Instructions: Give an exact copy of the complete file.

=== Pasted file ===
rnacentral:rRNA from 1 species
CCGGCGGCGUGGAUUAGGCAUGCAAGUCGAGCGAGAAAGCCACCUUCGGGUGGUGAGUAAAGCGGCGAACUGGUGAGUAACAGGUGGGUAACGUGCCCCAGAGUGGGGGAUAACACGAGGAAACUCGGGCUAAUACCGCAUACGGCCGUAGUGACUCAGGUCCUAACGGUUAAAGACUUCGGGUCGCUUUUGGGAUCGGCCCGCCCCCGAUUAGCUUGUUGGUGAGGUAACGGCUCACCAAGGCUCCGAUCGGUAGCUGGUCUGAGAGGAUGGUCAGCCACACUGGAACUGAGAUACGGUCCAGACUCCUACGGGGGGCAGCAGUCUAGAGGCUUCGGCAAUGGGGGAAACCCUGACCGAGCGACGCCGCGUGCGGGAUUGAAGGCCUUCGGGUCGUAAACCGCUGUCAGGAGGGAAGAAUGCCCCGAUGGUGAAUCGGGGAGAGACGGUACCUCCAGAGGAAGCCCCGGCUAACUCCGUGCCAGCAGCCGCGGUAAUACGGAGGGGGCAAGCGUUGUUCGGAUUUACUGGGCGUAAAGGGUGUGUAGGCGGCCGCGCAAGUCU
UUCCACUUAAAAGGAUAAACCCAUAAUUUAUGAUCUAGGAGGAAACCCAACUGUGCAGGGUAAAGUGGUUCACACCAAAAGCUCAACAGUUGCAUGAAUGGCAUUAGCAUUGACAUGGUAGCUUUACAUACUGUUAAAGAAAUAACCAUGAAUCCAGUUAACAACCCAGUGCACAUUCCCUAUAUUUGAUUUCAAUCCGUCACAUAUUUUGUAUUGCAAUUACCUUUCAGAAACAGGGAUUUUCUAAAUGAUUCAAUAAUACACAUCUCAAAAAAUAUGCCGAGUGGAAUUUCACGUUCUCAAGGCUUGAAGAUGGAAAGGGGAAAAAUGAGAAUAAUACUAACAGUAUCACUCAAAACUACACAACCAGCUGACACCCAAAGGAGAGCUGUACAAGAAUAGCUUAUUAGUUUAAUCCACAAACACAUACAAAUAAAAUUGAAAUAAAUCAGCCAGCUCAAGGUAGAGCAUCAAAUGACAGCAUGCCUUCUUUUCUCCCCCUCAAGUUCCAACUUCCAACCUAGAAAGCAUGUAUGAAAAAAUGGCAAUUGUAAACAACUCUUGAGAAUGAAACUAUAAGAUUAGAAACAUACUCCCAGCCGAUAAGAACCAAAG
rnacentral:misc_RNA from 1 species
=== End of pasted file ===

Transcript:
rnacentral:rRNA from 1 species
CCGGCGGCGUGGAUUAGGCAUGCAAGUCGAGCGAGAAAGCCACCUUCGGGUGGUGAGUAAAGCGGCGAACUGGUGAGUAACAGGUGGGUAACGUGCCCCAGAGUGGGGGAUAACACGAGGAAACUCGGGCUAAUACCGCAUACGGCCGUAGUGACUCAGGUCCUAACGGUUAAAGACUUCGGGUCGCUUUUGGGAUCGGCCCGCCCCCGAUUAGCUUGUUGGUGAGGUAACGGCUCACCAAGGCUCCGAUCGGUAGCUGGUCUGAGAGGAUGGUCAGCCACACUGGAACUGAGAUACGGUCCAGACUCCUACGGGGGGCAGCAGUCUAGAGGCUUCGGCAAUGGGGGAAACCCUGACCGAGCGACGCCGCGUGCGGGAUUGAAGGCCUUCGGGUCGUAAACCGCUGUCAGGAGGGAAGAAUGCCCCGAUGGUGAAUCGGGGAGAGACGGUACCUCCAGAGGAAGCCCCGGCUAACUCCGUGCCAGCAGCCGCGGUAAUACGGAGGGGGCAAGCGUUGUUCGGAUUUACUGGGCGUAAAGGGUGUGUAGGCGGCCGCGCAAGUCU
UUCCACUUAAAAGGAUAAACCCAUAAUUUAUGAUCUAGGAGGAAACCCAACUGUGCAGGGUAAAGUGGUUCACACCAAAAGCUCAACAGUUGCAUGAAUGGCAUUAGCAUUGACAUGGUAGCUUUACAUACUGUUAAAGAAAUAACCAUGAAUCCAGUUAACAACCCAGUGCACAUUCCCUAUAUUUGAUUUCAAUCCGUCACAUAUUUUGUAUUGCAAUUACCUUUCAGAAACAGGGAUUUUCUAAAUGAUUCAAUAAUACACAUCUCAAAAAAUAUGCCGAGUGGAAUUUCACGUUCUCAAGGCUUGAAGAUGGAAAGGGGAAAAAUGAGAAUAAUACUAACAGUAUCACUCAAAACUACACAACCAGCUGACACCCAAAGGAGAGCUGUACAAGAAUAGCUUAUUAGUUUAAUCCACAAACACAUACAAAUAAAAUUGAAAUAAAUCAGCCAGCUCAAGGUAGAGCAUCAAAUGACAGCAUGCCUUCUUUUCUCCCCCUCAAGUUCCAACUUCCAACCUAGAAAGCAUGUAUGAAAAAAUGGCAAUUGUAAACAACUCUUGAGAAUGAAACUAUAAGAUUAGAAACAUACUCCCAGCCGAUAAGAACCAAAG
rnacentral:misc_RNA from 1 species